At a time when the UK faces potentially serious economic challenges as a result of the decision to exit the European Union, it is vital that the regional economies of the UK look to work more closely together to ensure that their businesses are supported to not only be resilient but, more importantly, are given the opportunities for growth and development going forward.
So how can the two economies of the Cardiff Capital region and the West of England work more closely together as a coherent economic region in the future? One way is to build on the complementary strengths we have in both regions in key industries.
For example, South Wales and the South West of England has the largest aerospace and defence cluster in the UK and to complement this, there are other areas of high technology manufacturing which are growing. For example, the West of England employs the third highest number of people in computer manufacturing in the UK and in South Wales, companies such as IQE and SPTS Technologies are leading the way in terms of developing a strong semiconductor cluster that is vital as the foundation for so many industries of the future.
Two of the fastest growing financial services clusters outside of London are to be found here. The West of England has the third highest level of employment in the UK in life insurance and in Cardiff, financial and professional services are an important growth sector with the city establishing itself as one of the key financial centres outside London as a destination for back and middle office functions.
A key industry for the future will be cybersecurity which is already acknowledged as one of the fast-growing technology sectors in the World. The development of a strong cybersecurity sector based within the cyber triangle between Newport, Malvern and Cheltenham within the region is a major opportunity, building on the work of as GCHQ and Qinetic in the West of England as well as the work of the University of South Wales’ National Cyber Security Academy and the South Wales Cyber Security Cluster.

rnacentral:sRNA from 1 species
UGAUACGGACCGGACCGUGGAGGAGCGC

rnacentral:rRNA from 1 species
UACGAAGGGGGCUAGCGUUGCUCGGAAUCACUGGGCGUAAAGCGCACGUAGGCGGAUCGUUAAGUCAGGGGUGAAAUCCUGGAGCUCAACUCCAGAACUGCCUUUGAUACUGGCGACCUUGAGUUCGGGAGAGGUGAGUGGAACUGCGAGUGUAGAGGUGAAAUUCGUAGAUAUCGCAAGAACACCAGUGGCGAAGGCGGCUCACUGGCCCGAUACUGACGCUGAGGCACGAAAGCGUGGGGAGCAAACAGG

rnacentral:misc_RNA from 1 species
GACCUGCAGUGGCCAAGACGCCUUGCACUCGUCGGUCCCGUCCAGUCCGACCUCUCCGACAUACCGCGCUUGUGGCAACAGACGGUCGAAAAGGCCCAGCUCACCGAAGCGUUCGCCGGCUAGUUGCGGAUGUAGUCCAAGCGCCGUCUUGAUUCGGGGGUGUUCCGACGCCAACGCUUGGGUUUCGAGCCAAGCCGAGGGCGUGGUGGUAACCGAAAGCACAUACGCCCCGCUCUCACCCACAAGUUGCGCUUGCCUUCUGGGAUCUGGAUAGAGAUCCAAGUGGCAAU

Another key sector which is considered important in both areas is creative industries with the Bristol and Bath region already home to major industry players as Aardman Animations and the BBC Natural History Unit as well as a fast-growing entrepreneurial group of firms in tech, branding, film and gaming. Given this, it is not surprising that the area is ranked in the UK's top ten creativity and innovation hotspots according to the innovation charity NESTA.
South Wales is also focusing on promoting and developing the creative industries which include the new BBC Studios in Cardiff Bay, the Pinewood Studio Wales at Wentloog and probably most exciting of all, the creation of one of the biggest studios in the UK at the old Nippon Glass factory by Bad Wolf, a new company established to attract high end television productions to Wales.
Therefore, collaboration between these industrial clusters will be vital for the development of the wider economic region to become a major powerhouse in the UK economy, especially at a time when the UK Government is looking to support economic divergence away from the economy of London and South East England.
As we face new economic realities, I hope this summit will help set an agenda that will ensure that the wider region is open to business through greater co-operation between businesses on both sides of the Severn.